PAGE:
Have I taken a moment to take note of the Spanish All-Star team? It’s sick… Freire, Contador, Sammy, Valverde, Zeke, Joaquin, LL Sanchez…yikes. If Spain gets a day like they did in Beijing: Bettini doesn’t stand a chance, nor does anyone really.



It is interesting to look at the score between the three riders: Freire beats Bettini and Valverde most of the time, but not all the time, Bettini beats Valverde sometimes, but not all the time, etc etc. It’s nowhere near as easy as I’m making it sound, but for the sake of actually making a pick, I’m going with Freire first (even though I’m no big fan of Oscarito).

If This Bunch Kick Really Does Happen…
Then a whole bunch of other names start to come to mind… The first one that pops into mine is definitely Tom Boonen. Boonen was on fire at the Vuelta and the second half of his non-Tour season has been excellent. He seems confident and has compared his form of late to that of his World Championship winning fall back in 2005. Yeah, Tom Boonen is a bad, bad man. He’s my going out on a little bit of a limb pick.



I said bunch kick and I still haven’t mentioned Austrial…shame on me. I think the Aussies have a damn fine team that could even throw a few koalas or kangaroos or some other stereotypes at the juggernauts of Espana and Italia. Davis, McEwen, O’Grady for a bunch sprint anybody?



Allan Davis spent most of this year in the wilderness of Pro Continental racing, but thankfully Patrick Lefevere rescued him so he could start winning big races again, and really threatening in the big, tough races with sprints at the end…you know, something like Sunday. He’s going more than ok at the moment after a sterling ride in Poland, and I’d take his odds right now if Unibet bothered to give him some.



And is that a picture of Robbie McEwen? Yep. I want an old guy to win on Sunday. Call me sentimental. I’d love to see a veteran sprinter somehow make it to the line and come out on top over all of my other big favorites. Robbie Mac and the presumably soon to be retired Erik Zabel are first to come to mind. Ok, stop hating on Robbie McEwen. Better. Now I can continue.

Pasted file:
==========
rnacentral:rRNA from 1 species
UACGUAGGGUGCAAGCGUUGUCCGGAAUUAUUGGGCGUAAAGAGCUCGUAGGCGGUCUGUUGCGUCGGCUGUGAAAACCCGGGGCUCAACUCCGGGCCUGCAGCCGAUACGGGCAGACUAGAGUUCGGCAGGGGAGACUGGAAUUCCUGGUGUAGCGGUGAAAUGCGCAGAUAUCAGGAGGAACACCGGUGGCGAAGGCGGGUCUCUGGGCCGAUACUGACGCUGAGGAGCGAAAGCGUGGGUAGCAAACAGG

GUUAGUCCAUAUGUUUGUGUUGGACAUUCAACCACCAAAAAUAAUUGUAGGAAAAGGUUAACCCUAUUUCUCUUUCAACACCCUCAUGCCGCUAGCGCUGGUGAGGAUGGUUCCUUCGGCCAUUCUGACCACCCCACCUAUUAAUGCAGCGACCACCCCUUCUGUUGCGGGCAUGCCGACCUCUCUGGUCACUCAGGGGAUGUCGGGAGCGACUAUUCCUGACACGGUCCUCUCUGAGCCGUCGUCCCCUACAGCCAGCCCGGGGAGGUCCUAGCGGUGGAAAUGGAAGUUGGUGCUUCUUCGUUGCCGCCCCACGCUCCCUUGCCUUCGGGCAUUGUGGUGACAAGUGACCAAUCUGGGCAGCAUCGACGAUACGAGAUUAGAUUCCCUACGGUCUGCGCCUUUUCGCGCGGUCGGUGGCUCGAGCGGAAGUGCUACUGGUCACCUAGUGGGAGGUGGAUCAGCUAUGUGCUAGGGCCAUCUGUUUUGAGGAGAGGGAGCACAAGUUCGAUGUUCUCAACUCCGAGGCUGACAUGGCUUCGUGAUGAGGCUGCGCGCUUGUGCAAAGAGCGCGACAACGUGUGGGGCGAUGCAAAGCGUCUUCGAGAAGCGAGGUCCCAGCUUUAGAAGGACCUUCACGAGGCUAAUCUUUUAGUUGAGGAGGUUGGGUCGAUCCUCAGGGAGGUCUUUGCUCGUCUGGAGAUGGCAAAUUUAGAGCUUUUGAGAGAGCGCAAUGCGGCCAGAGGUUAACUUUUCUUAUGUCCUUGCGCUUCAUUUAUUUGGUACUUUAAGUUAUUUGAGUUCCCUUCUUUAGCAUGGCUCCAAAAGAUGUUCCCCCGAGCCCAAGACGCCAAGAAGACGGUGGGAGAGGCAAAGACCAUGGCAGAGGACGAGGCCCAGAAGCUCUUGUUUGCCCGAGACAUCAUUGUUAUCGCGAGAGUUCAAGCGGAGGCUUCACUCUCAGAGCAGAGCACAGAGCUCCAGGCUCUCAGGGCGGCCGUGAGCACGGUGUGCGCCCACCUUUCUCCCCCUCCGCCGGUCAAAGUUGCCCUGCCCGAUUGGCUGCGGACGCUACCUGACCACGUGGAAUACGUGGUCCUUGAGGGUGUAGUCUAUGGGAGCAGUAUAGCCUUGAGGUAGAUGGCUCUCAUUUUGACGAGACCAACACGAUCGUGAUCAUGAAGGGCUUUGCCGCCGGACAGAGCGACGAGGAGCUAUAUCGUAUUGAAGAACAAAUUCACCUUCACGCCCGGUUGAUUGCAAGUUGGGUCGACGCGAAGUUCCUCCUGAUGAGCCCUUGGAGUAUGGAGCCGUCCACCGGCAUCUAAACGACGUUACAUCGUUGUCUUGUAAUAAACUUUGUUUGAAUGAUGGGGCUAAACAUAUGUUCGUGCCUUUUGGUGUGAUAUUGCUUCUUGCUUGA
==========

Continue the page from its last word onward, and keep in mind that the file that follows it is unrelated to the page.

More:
The Aussies really do have a solid squad though, and I think they’re right up there with Italy and Spain in terms of capabilities to animate the race and possibly produce a winner.

Team Belgium ain’t too bad either. There’s of course Tom Boonen heading it all up, but right behind him, with nearly the same odds (in my mind)? Greg Van Avermaet and Philippe Gilbert.



GVA probably won’t get a full on green light this time around, especially if Boonen is going as well as he says, but Gilbert should definitely have full go opportunities to play his trademark solo attack game (he and Sylvain Chavanel can duke it out for those honors).



This Is Starting To Get Long
Wait, it got too long a long while back. Anyhow, a few more words and a couple of pictures and we’re going to call it a day, ok?

So, I haven’t mentioned the rest of last year’s podium in Stuttgart…you know, Misters Schumacher and Kolobnev. They’re both quick finishers and doing what they need to do at the moment, so expect to see them somewhere in the finale. Kolobnev sure seems to be quietly turning himself into a big game player too…anyone noticed that?



Then there’s Damiano Cunego, the sentimental hope. He won in Varese a long time ago (I think that’s right), and he’s had a pretty embattled 2008 season, so let’s give a picture and some well wishes to the Kid…cuz he can win come Sunday (so could pretty much the whole Italian team).



And so this preview doesn’t seem like it’s going out with a whimper, I’m going to make it go out with a painful bang:




Unibet Probably Knows More Than Me…
…otherwise they would probably be broke.

Bettini 4.00
Freire 7.00
Valverde 9.00
Boonen 13.00
Schumacher 18.00
McEwen 22.00
Sanchez 25.00
Boasson Hagen 28.00
Gilbert 28.00
Rebellin 28.00
Kolobnev 30.00
Kirchen 30.00
GV Avermaet 30.00
Breschel 35.00
Rodriguez 35.00
Nuyens 40.00
Ballan 40.00
Chavanel 40.00
Contador 45.00
Devolder 50.00
Cunego 50.00
Kroon 50.00
Paolini 50.00
Schleck A 50.00
Wegmann 50.00
Zabel 50.00
Greipel 65.00
Arvesen 65.00
Gesink 65.00
Pineau 80.00